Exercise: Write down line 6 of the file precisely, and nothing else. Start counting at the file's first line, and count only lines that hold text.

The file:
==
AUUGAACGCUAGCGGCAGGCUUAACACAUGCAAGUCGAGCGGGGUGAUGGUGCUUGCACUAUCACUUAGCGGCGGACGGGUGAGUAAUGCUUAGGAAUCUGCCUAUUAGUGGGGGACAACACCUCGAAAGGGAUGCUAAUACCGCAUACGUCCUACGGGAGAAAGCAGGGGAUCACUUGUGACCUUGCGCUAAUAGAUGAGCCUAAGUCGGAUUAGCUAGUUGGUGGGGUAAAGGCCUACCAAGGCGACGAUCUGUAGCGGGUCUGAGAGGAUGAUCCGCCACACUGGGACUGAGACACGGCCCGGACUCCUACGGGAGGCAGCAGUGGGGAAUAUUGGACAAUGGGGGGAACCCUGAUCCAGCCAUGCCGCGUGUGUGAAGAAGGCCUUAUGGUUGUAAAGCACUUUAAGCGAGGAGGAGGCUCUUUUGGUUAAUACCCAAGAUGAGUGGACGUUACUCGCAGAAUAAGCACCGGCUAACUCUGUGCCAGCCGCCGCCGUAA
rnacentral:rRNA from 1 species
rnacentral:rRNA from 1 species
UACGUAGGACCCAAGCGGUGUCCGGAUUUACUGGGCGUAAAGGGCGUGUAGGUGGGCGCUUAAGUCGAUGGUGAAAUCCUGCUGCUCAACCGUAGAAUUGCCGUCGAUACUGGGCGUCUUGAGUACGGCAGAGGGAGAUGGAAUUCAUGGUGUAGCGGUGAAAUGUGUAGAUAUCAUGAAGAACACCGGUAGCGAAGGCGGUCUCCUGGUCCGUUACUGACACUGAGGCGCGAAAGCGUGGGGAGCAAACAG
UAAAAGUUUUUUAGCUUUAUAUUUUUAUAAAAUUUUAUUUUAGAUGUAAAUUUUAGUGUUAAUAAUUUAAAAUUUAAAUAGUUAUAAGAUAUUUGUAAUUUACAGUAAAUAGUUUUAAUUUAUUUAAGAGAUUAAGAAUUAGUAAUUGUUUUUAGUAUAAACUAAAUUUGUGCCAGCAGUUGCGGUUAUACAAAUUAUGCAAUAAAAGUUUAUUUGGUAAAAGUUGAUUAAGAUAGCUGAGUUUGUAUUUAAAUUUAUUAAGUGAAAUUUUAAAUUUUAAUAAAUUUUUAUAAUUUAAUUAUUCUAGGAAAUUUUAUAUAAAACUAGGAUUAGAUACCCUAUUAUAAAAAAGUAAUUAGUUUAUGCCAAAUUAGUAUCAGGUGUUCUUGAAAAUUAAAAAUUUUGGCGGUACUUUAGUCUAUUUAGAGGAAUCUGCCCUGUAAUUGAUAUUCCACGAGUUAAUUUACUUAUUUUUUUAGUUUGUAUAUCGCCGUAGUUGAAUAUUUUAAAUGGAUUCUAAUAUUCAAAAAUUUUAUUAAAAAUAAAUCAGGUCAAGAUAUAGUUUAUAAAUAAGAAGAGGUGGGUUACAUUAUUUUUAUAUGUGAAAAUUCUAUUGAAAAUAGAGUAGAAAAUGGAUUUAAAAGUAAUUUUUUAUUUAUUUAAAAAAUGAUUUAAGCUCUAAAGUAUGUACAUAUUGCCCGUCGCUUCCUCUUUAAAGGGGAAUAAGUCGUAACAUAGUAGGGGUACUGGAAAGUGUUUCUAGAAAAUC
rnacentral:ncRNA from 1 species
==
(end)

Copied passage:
rnacentral:ncRNA from 1 species